Sierra Club v. Energy Future Holdings Corp., Civil Action No. W–12–CV–108.

CourtUnited States District Courts. 5th Circuit. Western District of Texas
Writing for the CourtWALTER S. SMITH
Citation921 F.Supp.2d 674
PartiesSIERRA CLUB, Plaintiff v. ENERGY FUTURE HOLDINGS CORPORATION and Luminant Generation Company LLC, Defendants.
Docket NumberCivil Action No. W–12–CV–108.
Decision Date06 February 2013

921 F.Supp.2d 674

SIERRA CLUB, Plaintiff
ENERGY FUTURE HOLDINGS CORPORATION and Luminant Generation Company LLC, Defendants.

Civil Action No. W–12–CV–108.

United States District Court, W.D. Texas, Waco Division.

Feb. 6, 2013.

[921 F.Supp.2d 676]

Elena Saxonhouse, Sanjay Narayan, Sierra Club, San Francisco, CA, Erin E. Fonken, Ilan Levin, Environmental Integrity Project, Austin, TX, J. Patton Dycus, Environmental Integrity Project, Atlanta, GA, Julie Kaplan, One Thomas Circle, NW, Washington, DC, for Plaintiff.

Charles D. Olson, Michael W. Dixon, Haley & Olson, P.C., Waco, TX, Philip Stephen Gidiere, III, Thomas L. Casey, III, Balch & Bingham LLP, Birmingham, AL, Russell H. Falconer, William B. Dawson, Gibson Dunn & Crutcher LLP, Dallas, TX, Stacey H. Dore, Energy Future Holdings, Dallas, TX, for Defendants.


WALTER S. SMITH, JR., District Judge.

Before the Court is the “Motion to Dismiss Pursuant to Federal Rules of Civil Procedure 12(b)(1) and 12(b)(6) by Defendants Energy Future Holdings Corporation and Luminant Generation Company

[921 F.Supp.2d 677]

LLC.” Having reviewed the motion, response, reply, and applicable legal authority, the Court finds that the motion is without merit and is DENIED. Also, the Court will grant leave for Plaintiff to amend its Complaint to state the correct units of measurement for Particulate Matter (“PM”) limits under its second cause of action.

I. Factual and Procedural History

Defendants own and operate a coal-fired electric generating plant, located in Freestone County, Texas, known as “Big Brown Plant.” The plant's two units generate electricity with a blend of coal. The electricity generated is supplied to 23 million Texas customers via the electric grid operated by the Electric Reliability Council of Texas (“ERCOT”).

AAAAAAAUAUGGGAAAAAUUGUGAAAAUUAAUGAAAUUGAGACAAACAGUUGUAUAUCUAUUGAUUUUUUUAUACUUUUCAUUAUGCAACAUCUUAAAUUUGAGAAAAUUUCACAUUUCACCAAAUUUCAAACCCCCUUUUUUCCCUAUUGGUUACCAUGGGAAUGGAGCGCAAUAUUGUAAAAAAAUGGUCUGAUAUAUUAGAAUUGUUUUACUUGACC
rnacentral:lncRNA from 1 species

The Big Brown Plant is required to operate under a permitting process that limits the amount of pollutants that the plant may legally emit into the air. One measurement of air pollutants is opacity. Opacity is an indicator of the excessive levels of particulate matter pollution being emitted by a facility. Essentially, opacity measures the level of soot in the facility's exhaust. Texas rules define opacity as the “degree to which an emission of air contaminants obstruct the transmission of light expressed as a percentage of light obstructed as measured by an optical instrument or trained observer.” 30 Tex. Admin. Code § 101.1(72). The higher the opacity, the less light that passes through a plume of air pollution.

The Clean Air Act requires that each state submit a State Implementation Plan § “SIP”) to the Environmental Protection Agency (“EPA”) for approval. 42 U.S.C. § 7410. Under the Texas SIP, power plant opacity “shall not exceed 30 percent averaged over a six-minute period.” 30 Tex. Admin. Code § 111.111(a)(1)(A).1 Additionally, emissions may not exceed “0.3 pound of total suspended particulate per million [British thermal units (“Btu”) ] heat input, averaged over a two-hour period.” 230 Tex. Admin. Code § 111.153(b) However, Big Brown Plant is permitted to exceed the opacity limit for up to six minutes in any sixty consecutive minutes for “cleaning of a firebox or the building of a new fire, soot blowing, equipment changes, ash removal, and rapping of precipitators.” 30 Tex. Admin. Code § 111.111(a)(1)(E).